Hamas questions Sharon’s commitment to peace

The main Palestinian resistance group Hamas has poured scorn on comments by the Israeli Prime Minister Ariel Sharon that he remains committed to the international “road map” for peace.

Talks between Sharon (L) and Mahir (R) lasted over an hour
Talks between Sharon (L) and Mahir (R) lasted over an hour

Sharon also told the visiting Egyptian foreign minister Ahmad Mahir on Monday that Israel would halt its attacks against Palestinian resistance activists.

A source close to Sharon said the prime minister had told Mahir that Israel would hold back from major military action if Egyptian efforts to persuade Palestinian resistance factions to lay down their arms succeeded.

“The prime minister made it very clear that he believes in the roadmap for peace,” the source told AFP. “It’s the only plan that’s on the table.”

“While Israel is not going to sign any agreement with the terror organisations, he (Sharon) stated that if there’s quiet we will respond with quiet. We will refrain from our activity,” the source added.

Mahir’s visit, his first to Israel in more than two years, comes days after Sharon warned that he would disengage from the peace process within months if the Palestinians did not start meeting their obligations outlined in the “road map”.

“I have heard a commitment by Israeli officials to the roadmap, according to which steps have to be taken in parallel by both sides,” Egyptian Foreign Minister Ahmad Mahir said after talks with both Sharon and his Israeli counterpart Silvan Shalom in Jerusalem on Monday.

“I told the prime minister (Sharon) that both parties have engagements to fill in a parallel manner in the road map, and he did not disagree.”


Reacting to Sharon’s statement that he will not meet with “terror” organisations, Hamas said the comment was “nothing new.”

“I believe that fits with what we have always said,” the group’s representative in Lebanon, Usama Hamdan, told Aljazeera.net

Mahir is first Egyptian official to visit Israel since Intifada began

Mahir is first Egyptian official to
visit Israel since Intifada began

“There is no possible way to deal with Sharon. He is sealing up the path to any possible solution for the conflict. He (Sharon) worked hard to destroy the last ceasefire”, said Hamdan.

“I believe the only possibility for a solution, for peace, is resistance”.

The Israeli prime minister, Hamdan added, is destroying not only the peace process, but any hopes for peace.

Hamdan said the visit by Mahir and diplomatic relations between Egypt and Israel, “has not assisted the Palestinians in regaining their rights.”   

Ties strengthened

Sharon himself hailed Mahir’s visit as an opportunity to not only strengthen ties with Egypt but the Palestinian Authority as well.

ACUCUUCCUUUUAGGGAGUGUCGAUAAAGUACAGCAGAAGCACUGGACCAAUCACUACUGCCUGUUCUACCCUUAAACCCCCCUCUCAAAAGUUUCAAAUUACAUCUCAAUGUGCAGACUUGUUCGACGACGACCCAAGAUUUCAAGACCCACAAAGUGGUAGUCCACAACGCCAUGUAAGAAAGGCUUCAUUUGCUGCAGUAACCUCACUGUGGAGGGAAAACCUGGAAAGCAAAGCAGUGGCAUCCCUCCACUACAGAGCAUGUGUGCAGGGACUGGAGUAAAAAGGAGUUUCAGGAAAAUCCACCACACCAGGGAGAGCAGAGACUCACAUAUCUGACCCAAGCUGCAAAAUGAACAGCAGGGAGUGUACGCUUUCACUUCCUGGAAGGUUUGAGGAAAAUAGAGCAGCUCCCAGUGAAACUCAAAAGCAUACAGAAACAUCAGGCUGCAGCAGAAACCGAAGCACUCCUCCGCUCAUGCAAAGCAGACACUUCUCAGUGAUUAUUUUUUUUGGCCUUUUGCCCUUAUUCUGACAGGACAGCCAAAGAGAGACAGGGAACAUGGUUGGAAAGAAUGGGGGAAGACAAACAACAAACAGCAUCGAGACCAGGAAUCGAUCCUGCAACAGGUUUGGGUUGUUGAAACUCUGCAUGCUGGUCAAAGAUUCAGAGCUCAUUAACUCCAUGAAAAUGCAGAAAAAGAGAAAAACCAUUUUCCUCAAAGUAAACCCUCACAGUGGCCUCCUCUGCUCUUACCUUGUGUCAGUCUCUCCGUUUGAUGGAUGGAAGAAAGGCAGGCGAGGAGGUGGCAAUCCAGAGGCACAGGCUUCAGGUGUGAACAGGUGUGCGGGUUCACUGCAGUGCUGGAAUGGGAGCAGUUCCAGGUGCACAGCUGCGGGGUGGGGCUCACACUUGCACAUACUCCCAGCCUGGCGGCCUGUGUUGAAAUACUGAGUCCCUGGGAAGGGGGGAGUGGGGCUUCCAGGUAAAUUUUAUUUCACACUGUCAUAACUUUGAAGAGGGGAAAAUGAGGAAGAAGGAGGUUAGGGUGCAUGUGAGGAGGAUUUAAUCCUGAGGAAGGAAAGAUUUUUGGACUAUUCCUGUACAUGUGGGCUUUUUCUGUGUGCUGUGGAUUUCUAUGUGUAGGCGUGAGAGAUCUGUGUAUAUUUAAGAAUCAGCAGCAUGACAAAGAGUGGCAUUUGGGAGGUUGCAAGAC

“I am certain that the links between Israel and Egypt, the biggest and most important country in the Middle East, are going to be strengthened,” Sharon said after talks with Mahir which lasted over an hour.
“I am certain that it will also lead to the strengthening of our relations with the Palestinian Authority and the chances of our reaching an agreement with the Palestinians.”

The visit was the first by Mahir in more than two years and a sign of a thaw in relations between the two neighbours.

Egypt, along with Jordan, is one of only two Arab countries to have diplomatic ties with Israel but relations have been strained in recent years with Egypt withdrawing its ambassador after the outbreak of the Al-Aqsa Intifada, or uprising, in September 2000.

Upcoming summit

Talks also focused on the possibility of an upcoming summit between Sharon and Egyptian President Husni Mubarak, who have not met since the Israeli premier came to power in 2001.

“I heard a commitment from Israel to resume negotiations as soon as possible”

Ahmad Mahir
Egyptian Foreign Minister

“I think that Egypt can use its influence to put an end to the conflict between Israel and the Arabs,” Foreign Minister Shalom said in a joint press conference with Mahir.
“We want to see the Palestinians back at the negotiations table. We are waiting for a summit between our prime minister and Abu Alaa (Palestinian premier Ahmad Quraya) but unfortunately no date has been set yet. I hope it will take place in the few upcoming days.”

The two prime ministers have yet to meet since Quraya came to power in November and an oft-mooted summit has been frequently pushed back.
“I heard a commitment from Israel to resume negotiations as soon as possible,” said Mahir.

“I also heard a desire to ease the life of Palestinians and the impression I came out with is a desire to co-operate with us to bring about serious and fruitful negotiations.”

Source: AFP

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